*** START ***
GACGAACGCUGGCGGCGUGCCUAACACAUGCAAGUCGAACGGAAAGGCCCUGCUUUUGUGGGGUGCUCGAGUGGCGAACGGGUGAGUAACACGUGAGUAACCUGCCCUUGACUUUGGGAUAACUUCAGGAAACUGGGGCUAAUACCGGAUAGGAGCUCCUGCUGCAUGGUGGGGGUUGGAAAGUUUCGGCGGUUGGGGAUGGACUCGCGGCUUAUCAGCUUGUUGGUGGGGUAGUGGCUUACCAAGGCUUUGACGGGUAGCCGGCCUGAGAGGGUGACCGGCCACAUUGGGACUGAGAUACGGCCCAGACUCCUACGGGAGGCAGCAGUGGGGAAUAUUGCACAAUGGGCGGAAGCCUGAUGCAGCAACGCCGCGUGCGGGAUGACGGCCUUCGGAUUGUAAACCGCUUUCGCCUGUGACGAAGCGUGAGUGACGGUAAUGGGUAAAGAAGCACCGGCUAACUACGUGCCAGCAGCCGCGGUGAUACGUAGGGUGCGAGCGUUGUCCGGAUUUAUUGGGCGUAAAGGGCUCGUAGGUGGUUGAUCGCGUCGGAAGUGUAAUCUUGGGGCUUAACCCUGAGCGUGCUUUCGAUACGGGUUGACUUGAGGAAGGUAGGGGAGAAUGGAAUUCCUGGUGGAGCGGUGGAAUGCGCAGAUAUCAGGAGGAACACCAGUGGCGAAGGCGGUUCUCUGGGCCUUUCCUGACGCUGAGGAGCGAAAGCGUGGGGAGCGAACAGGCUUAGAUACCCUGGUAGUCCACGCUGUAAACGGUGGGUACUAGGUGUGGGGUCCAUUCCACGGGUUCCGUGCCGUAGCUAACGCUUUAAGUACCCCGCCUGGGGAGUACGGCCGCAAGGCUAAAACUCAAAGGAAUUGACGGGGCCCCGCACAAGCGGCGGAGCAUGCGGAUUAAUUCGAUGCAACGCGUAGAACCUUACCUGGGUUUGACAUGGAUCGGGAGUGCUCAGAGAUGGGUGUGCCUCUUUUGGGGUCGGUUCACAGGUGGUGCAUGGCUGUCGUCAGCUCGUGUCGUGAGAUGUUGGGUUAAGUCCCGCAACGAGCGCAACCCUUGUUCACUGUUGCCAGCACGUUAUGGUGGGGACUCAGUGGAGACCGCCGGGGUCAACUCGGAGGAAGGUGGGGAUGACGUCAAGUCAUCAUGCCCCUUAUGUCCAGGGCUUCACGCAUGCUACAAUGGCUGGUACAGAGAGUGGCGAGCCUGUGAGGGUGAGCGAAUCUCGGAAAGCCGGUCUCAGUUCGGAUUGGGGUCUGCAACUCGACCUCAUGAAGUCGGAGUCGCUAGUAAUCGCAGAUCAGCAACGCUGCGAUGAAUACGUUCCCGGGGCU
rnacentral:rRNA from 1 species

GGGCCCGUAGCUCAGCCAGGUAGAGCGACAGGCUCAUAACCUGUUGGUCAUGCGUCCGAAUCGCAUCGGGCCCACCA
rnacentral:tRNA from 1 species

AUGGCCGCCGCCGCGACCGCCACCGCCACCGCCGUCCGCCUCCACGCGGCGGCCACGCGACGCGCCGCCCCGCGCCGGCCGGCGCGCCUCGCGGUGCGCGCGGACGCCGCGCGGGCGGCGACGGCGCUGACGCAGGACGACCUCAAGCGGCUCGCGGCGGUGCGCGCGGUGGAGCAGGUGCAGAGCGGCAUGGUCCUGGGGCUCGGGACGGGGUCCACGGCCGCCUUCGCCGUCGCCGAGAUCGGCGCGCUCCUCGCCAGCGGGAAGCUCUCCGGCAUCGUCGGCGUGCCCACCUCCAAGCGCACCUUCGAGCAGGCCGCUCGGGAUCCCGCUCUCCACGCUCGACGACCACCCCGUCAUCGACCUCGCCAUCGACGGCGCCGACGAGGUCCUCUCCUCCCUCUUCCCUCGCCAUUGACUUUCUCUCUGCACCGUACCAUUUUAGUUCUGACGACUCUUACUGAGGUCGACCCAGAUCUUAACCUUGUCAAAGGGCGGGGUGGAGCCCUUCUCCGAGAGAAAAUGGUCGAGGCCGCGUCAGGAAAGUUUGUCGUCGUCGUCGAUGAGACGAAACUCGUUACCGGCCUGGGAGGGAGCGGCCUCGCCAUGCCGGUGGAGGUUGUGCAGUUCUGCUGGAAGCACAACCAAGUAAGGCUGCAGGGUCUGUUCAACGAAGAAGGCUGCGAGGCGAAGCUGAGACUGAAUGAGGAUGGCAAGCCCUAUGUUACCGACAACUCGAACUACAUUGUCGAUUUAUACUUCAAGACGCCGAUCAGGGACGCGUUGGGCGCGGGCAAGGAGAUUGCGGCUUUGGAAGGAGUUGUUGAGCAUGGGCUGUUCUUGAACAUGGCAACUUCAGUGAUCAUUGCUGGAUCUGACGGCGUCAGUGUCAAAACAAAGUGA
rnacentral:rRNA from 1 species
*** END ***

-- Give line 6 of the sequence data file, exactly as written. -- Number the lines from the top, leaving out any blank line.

rnacentral:rRNA from 1 species